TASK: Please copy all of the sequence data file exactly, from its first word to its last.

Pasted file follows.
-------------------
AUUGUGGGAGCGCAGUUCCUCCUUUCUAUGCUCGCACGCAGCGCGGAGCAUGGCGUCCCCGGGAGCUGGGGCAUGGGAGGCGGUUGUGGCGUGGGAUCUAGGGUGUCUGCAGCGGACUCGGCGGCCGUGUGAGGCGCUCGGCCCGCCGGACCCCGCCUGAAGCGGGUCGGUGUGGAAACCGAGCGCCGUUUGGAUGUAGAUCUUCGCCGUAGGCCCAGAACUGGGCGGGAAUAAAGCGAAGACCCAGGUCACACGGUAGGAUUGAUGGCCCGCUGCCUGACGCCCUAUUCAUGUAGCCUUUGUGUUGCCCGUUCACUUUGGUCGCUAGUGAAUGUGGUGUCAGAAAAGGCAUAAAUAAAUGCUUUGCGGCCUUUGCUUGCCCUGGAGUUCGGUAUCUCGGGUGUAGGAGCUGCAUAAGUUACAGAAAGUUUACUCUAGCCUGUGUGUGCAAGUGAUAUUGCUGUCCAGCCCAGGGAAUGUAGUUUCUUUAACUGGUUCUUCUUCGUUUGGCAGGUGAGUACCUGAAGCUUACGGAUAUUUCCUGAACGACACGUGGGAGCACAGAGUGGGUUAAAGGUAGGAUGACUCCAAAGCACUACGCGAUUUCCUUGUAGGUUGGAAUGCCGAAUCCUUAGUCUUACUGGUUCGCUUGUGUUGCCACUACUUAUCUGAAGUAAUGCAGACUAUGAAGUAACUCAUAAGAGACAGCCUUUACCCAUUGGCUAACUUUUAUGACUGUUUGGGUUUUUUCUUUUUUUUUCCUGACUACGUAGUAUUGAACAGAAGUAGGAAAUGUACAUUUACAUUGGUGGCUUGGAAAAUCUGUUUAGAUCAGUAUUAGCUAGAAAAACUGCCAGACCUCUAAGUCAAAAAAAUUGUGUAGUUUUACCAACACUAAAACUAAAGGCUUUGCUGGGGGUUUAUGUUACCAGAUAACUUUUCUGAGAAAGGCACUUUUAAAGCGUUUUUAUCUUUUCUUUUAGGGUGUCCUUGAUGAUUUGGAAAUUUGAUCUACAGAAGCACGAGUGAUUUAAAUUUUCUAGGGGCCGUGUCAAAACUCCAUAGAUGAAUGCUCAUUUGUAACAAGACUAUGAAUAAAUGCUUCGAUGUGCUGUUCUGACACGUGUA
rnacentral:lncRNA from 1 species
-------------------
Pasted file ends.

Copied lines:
AUUGUGGGAGCGCAGUUCCUCCUUUCUAUGCUCGCACGCAGCGCGGAGCAUGGCGUCCCCGGGAGCUGGGGCAUGGGAGGCGGUUGUGGCGUGGGAUCUAGGGUGUCUGCAGCGGACUCGGCGGCCGUGUGAGGCGCUCGGCCCGCCGGACCCCGCCUGAAGCGGGUCGGUGUGGAAACCGAGCGCCGUUUGGAUGUAGAUCUUCGCCGUAGGCCCAGAACUGGGCGGGAAUAAAGCGAAGACCCAGGUCACACGGUAGGAUUGAUGGCCCGCUGCCUGACGCCCUAUUCAUGUAGCCUUUGUGUUGCCCGUUCACUUUGGUCGCUAGUGAAUGUGGUGUCAGAAAAGGCAUAAAUAAAUGCUUUGCGGCCUUUGCUUGCCCUGGAGUUCGGUAUCUCGGGUGUAGGAGCUGCAUAAGUUACAGAAAGUUUACUCUAGCCUGUGUGUGCAAGUGAUAUUGCUGUCCAGCCCAGGGAAUGUAGUUUCUUUAACUGGUUCUUCUUCGUUUGGCAGGUGAGUACCUGAAGCUUACGGAUAUUUCCUGAACGACACGUGGGAGCACAGAGUGGGUUAAAGGUAGGAUGACUCCAAAGCACUACGCGAUUUCCUUGUAGGUUGGAAUGCCGAAUCCUUAGUCUUACUGGUUCGCUUGUGUUGCCACUACUUAUCUGAAGUAAUGCAGACUAUGAAGUAACUCAUAAGAGACAGCCUUUACCCAUUGGCUAACUUUUAUGACUGUUUGGGUUUUUUCUUUUUUUUUCCUGACUACGUAGUAUUGAACAGAAGUAGGAAAUGUACAUUUACAUUGGUGGCUUGGAAAAUCUGUUUAGAUCAGUAUUAGCUAGAAAAACUGCCAGACCUCUAAGUCAAAAAAAUUGUGUAGUUUUACCAACACUAAAACUAAAGGCUUUGCUGGGGGUUUAUGUUACCAGAUAACUUUUCUGAGAAAGGCACUUUUAAAGCGUUUUUAUCUUUUCUUUUAGGGUGUCCUUGAUGAUUUGGAAAUUUGAUCUACAGAAGCACGAGUGAUUUAAAUUUUCUAGGGGCCGUGUCAAAACUCCAUAGAUGAAUGCUCAUUUGUAACAAGACUAUGAAUAAAUGCUUCGAUGUGCUGUUCUGACACGUGUA
rnacentral:lncRNA from 1 species